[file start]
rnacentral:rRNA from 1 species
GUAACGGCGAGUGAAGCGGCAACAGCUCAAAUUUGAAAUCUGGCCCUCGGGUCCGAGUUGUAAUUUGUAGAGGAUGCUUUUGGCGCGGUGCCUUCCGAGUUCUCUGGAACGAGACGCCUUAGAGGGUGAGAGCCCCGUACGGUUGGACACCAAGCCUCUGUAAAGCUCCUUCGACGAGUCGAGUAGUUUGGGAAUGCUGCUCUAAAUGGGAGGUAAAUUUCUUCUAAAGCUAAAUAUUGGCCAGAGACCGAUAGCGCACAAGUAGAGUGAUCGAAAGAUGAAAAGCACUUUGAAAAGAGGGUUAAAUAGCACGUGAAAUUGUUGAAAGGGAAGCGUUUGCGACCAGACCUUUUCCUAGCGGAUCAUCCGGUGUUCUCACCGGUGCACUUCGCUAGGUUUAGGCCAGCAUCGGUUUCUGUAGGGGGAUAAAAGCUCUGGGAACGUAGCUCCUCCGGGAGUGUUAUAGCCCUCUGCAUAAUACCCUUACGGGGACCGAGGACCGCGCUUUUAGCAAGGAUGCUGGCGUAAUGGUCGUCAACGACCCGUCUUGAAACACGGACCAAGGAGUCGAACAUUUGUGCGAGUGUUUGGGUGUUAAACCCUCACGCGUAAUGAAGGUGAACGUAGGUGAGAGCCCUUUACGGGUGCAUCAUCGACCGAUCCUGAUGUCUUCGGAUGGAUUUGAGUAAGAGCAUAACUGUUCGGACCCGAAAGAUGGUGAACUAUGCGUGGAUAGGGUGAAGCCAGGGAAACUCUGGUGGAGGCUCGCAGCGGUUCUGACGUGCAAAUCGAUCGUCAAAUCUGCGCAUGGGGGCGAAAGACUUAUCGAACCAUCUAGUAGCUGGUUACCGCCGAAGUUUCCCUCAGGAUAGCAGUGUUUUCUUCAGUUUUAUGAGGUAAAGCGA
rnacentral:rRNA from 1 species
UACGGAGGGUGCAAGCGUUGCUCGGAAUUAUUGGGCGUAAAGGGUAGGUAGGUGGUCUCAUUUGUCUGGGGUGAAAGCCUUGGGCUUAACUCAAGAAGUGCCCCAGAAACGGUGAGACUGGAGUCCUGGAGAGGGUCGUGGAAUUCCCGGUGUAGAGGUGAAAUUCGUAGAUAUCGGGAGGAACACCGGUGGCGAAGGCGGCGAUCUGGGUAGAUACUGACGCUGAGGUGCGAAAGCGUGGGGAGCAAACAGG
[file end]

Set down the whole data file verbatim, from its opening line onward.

rnacentral:rRNA from 1 species
GUAACGGCGAGUGAAGCGGCAACAGCUCAAAUUUGAAAUCUGGCCCUCGGGUCCGAGUUGUAAUUUGUAGAGGAUGCUUUUGGCGCGGUGCCUUCCGAGUUCUCUGGAACGAGACGCCUUAGAGGGUGAGAGCCCCGUACGGUUGGACACCAAGCCUCUGUAAAGCUCCUUCGACGAGUCGAGUAGUUUGGGAAUGCUGCUCUAAAUGGGAGGUAAAUUUCUUCUAAAGCUAAAUAUUGGCCAGAGACCGAUAGCGCACAAGUAGAGUGAUCGAAAGAUGAAAAGCACUUUGAAAAGAGGGUUAAAUAGCACGUGAAAUUGUUGAAAGGGAAGCGUUUGCGACCAGACCUUUUCCUAGCGGAUCAUCCGGUGUUCUCACCGGUGCACUUCGCUAGGUUUAGGCCAGCAUCGGUUUCUGUAGGGGGAUAAAAGCUCUGGGAACGUAGCUCCUCCGGGAGUGUUAUAGCCCUCUGCAUAAUACCCUUACGGGGACCGAGGACCGCGCUUUUAGCAAGGAUGCUGGCGUAAUGGUCGUCAACGACCCGUCUUGAAACACGGACCAAGGAGUCGAACAUUUGUGCGAGUGUUUGGGUGUUAAACCCUCACGCGUAAUGAAGGUGAACGUAGGUGAGAGCCCUUUACGGGUGCAUCAUCGACCGAUCCUGAUGUCUUCGGAUGGAUUUGAGUAAGAGCAUAACUGUUCGGACCCGAAAGAUGGUGAACUAUGCGUGGAUAGGGUGAAGCCAGGGAAACUCUGGUGGAGGCUCGCAGCGGUUCUGACGUGCAAAUCGAUCGUCAAAUCUGCGCAUGGGGGCGAAAGACUUAUCGAACCAUCUAGUAGCUGGUUACCGCCGAAGUUUCCCUCAGGAUAGCAGUGUUUUCUUCAGUUUUAUGAGGUAAAGCGA
rnacentral:rRNA from 1 species
UACGGAGGGUGCAAGCGUUGCUCGGAAUUAUUGGGCGUAAAGGGUAGGUAGGUGGUCUCAUUUGUCUGGGGUGAAAGCCUUGGGCUUAACUCAAGAAGUGCCCCAGAAACGGUGAGACUGGAGUCCUGGAGAGGGUCGUGGAAUUCCCGGUGUAGAGGUGAAAUUCGUAGAUAUCGGGAGGAACACCGGUGGCGAAGGCGGCGAUCUGGGUAGAUACUGACGCUGAGGUGCGAAAGCGUGGGGAGCAAACAGG